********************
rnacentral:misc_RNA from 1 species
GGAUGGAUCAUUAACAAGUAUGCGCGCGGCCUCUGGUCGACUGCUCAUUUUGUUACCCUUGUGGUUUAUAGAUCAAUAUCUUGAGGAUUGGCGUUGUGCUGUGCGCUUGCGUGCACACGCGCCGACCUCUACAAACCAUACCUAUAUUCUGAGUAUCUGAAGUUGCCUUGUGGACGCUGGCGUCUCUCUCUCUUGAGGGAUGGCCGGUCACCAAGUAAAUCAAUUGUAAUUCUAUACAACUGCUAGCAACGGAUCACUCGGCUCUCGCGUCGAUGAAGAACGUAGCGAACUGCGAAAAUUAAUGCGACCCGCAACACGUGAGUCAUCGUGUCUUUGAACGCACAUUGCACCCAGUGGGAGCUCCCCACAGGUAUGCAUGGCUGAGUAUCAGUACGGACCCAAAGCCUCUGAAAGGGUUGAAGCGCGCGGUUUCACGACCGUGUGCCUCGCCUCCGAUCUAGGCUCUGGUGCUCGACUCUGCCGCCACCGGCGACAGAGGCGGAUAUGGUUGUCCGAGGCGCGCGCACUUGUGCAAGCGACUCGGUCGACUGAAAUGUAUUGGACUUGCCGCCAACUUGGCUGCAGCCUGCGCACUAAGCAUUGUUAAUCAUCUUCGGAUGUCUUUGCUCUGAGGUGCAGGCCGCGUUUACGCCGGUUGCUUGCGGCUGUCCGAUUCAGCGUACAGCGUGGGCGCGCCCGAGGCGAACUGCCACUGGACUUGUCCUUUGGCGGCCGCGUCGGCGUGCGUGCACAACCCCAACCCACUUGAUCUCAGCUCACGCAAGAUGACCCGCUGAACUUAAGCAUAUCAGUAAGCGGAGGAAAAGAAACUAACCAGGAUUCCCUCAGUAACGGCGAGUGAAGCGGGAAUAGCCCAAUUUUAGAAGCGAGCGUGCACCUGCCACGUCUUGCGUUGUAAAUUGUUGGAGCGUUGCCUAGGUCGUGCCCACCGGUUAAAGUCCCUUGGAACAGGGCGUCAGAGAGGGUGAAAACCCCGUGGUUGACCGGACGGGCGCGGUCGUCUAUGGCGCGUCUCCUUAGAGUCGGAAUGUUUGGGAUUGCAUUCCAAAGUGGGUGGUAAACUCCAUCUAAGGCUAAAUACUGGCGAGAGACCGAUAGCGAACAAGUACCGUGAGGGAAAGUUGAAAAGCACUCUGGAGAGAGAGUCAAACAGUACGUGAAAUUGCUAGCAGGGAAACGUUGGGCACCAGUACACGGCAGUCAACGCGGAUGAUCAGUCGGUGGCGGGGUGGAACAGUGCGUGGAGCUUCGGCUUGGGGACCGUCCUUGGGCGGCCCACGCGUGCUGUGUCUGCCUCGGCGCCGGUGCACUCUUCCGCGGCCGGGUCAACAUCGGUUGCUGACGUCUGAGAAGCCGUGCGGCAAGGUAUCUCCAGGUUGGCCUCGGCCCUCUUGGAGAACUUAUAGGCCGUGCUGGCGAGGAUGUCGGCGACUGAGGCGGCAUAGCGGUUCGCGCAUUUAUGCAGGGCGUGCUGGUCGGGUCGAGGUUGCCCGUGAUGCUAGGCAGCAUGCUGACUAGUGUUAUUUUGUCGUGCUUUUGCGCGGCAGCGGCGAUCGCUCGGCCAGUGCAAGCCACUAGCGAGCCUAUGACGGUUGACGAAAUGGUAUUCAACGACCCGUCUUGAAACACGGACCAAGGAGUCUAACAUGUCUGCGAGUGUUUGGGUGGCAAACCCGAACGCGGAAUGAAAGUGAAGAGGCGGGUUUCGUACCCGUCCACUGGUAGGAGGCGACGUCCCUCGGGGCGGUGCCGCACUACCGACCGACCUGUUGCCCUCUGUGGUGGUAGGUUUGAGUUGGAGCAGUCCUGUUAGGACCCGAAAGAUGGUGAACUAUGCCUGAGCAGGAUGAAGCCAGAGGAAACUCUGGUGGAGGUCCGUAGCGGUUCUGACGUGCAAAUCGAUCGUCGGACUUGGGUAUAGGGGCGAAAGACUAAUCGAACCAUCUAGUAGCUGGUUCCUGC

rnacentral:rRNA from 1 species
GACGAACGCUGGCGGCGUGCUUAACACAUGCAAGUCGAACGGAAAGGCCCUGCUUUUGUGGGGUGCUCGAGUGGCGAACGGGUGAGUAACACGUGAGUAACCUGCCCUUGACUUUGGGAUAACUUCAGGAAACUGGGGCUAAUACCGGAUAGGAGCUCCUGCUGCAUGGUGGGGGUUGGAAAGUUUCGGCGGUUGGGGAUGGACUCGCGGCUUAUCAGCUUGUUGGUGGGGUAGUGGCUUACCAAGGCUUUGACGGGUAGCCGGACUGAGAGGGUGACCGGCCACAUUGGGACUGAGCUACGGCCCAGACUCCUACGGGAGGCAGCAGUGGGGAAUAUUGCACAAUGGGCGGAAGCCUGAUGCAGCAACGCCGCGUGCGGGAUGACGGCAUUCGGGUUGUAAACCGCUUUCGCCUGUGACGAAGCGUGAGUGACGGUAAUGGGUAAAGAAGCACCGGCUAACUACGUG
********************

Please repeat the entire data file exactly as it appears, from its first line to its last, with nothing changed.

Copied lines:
rnacentral:misc_RNA from 1 species
GGAUGGAUCAUUAACAAGUAUGCGCGCGGCCUCUGGUCGACUGCUCAUUUUGUUACCCUUGUGGUUUAUAGAUCAAUAUCUUGAGGAUUGGCGUUGUGCUGUGCGCUUGCGUGCACACGCGCCGACCUCUACAAACCAUACCUAUAUUCUGAGUAUCUGAAGUUGCCUUGUGGACGCUGGCGUCUCUCUCUCUUGAGGGAUGGCCGGUCACCAAGUAAAUCAAUUGUAAUUCUAUACAACUGCUAGCAACGGAUCACUCGGCUCUCGCGUCGAUGAAGAACGUAGCGAACUGCGAAAAUUAAUGCGACCCGCAACACGUGAGUCAUCGUGUCUUUGAACGCACAUUGCACCCAGUGGGAGCUCCCCACAGGUAUGCAUGGCUGAGUAUCAGUACGGACCCAAAGCCUCUGAAAGGGUUGAAGCGCGCGGUUUCACGACCGUGUGCCUCGCCUCCGAUCUAGGCUCUGGUGCUCGACUCUGCCGCCACCGGCGACAGAGGCGGAUAUGGUUGUCCGAGGCGCGCGCACUUGUGCAAGCGACUCGGUCGACUGAAAUGUAUUGGACUUGCCGCCAACUUGGCUGCAGCCUGCGCACUAAGCAUUGUUAAUCAUCUUCGGAUGUCUUUGCUCUGAGGUGCAGGCCGCGUUUACGCCGGUUGCUUGCGGCUGUCCGAUUCAGCGUACAGCGUGGGCGCGCCCGAGGCGAACUGCCACUGGACUUGUCCUUUGGCGGCCGCGUCGGCGUGCGUGCACAACCCCAACCCACUUGAUCUCAGCUCACGCAAGAUGACCCGCUGAACUUAAGCAUAUCAGUAAGCGGAGGAAAAGAAACUAACCAGGAUUCCCUCAGUAACGGCGAGUGAAGCGGGAAUAGCCCAAUUUUAGAAGCGAGCGUGCACCUGCCACGUCUUGCGUUGUAAAUUGUUGGAGCGUUGCCUAGGUCGUGCCCACCGGUUAAAGUCCCUUGGAACAGGGCGUCAGAGAGGGUGAAAACCCCGUGGUUGACCGGACGGGCGCGGUCGUCUAUGGCGCGUCUCCUUAGAGUCGGAAUGUUUGGGAUUGCAUUCCAAAGUGGGUGGUAAACUCCAUCUAAGGCUAAAUACUGGCGAGAGACCGAUAGCGAACAAGUACCGUGAGGGAAAGUUGAAAAGCACUCUGGAGAGAGAGUCAAACAGUACGUGAAAUUGCUAGCAGGGAAACGUUGGGCACCAGUACACGGCAGUCAACGCGGAUGAUCAGUCGGUGGCGGGGUGGAACAGUGCGUGGAGCUUCGGCUUGGGGACCGUCCUUGGGCGGCCCACGCGUGCUGUGUCUGCCUCGGCGCCGGUGCACUCUUCCGCGGCCGGGUCAACAUCGGUUGCUGACGUCUGAGAAGCCGUGCGGCAAGGUAUCUCCAGGUUGGCCUCGGCCCUCUUGGAGAACUUAUAGGCCGUGCUGGCGAGGAUGUCGGCGACUGAGGCGGCAUAGCGGUUCGCGCAUUUAUGCAGGGCGUGCUGGUCGGGUCGAGGUUGCCCGUGAUGCUAGGCAGCAUGCUGACUAGUGUUAUUUUGUCGUGCUUUUGCGCGGCAGCGGCGAUCGCUCGGCCAGUGCAAGCCACUAGCGAGCCUAUGACGGUUGACGAAAUGGUAUUCAACGACCCGUCUUGAAACACGGACCAAGGAGUCUAACAUGUCUGCGAGUGUUUGGGUGGCAAACCCGAACGCGGAAUGAAAGUGAAGAGGCGGGUUUCGUACCCGUCCACUGGUAGGAGGCGACGUCCCUCGGGGCGGUGCCGCACUACCGACCGACCUGUUGCCCUCUGUGGUGGUAGGUUUGAGUUGGAGCAGUCCUGUUAGGACCCGAAAGAUGGUGAACUAUGCCUGAGCAGGAUGAAGCCAGAGGAAACUCUGGUGGAGGUCCGUAGCGGUUCUGACGUGCAAAUCGAUCGUCGGACUUGGGUAUAGGGGCGAAAGACUAAUCGAACCAUCUAGUAGCUGGUUCCUGC

rnacentral:rRNA from 1 species
GACGAACGCUGGCGGCGUGCUUAACACAUGCAAGUCGAACGGAAAGGCCCUGCUUUUGUGGGGUGCUCGAGUGGCGAACGGGUGAGUAACACGUGAGUAACCUGCCCUUGACUUUGGGAUAACUUCAGGAAACUGGGGCUAAUACCGGAUAGGAGCUCCUGCUGCAUGGUGGGGGUUGGAAAGUUUCGGCGGUUGGGGAUGGACUCGCGGCUUAUCAGCUUGUUGGUGGGGUAGUGGCUUACCAAGGCUUUGACGGGUAGCCGGACUGAGAGGGUGACCGGCCACAUUGGGACUGAGCUACGGCCCAGACUCCUACGGGAGGCAGCAGUGGGGAAUAUUGCACAAUGGGCGGAAGCCUGAUGCAGCAACGCCGCGUGCGGGAUGACGGCAUUCGGGUUGUAAACCGCUUUCGCCUGUGACGAAGCGUGAGUGACGGUAAUGGGUAAAGAAGCACCGGCUAACUACGUG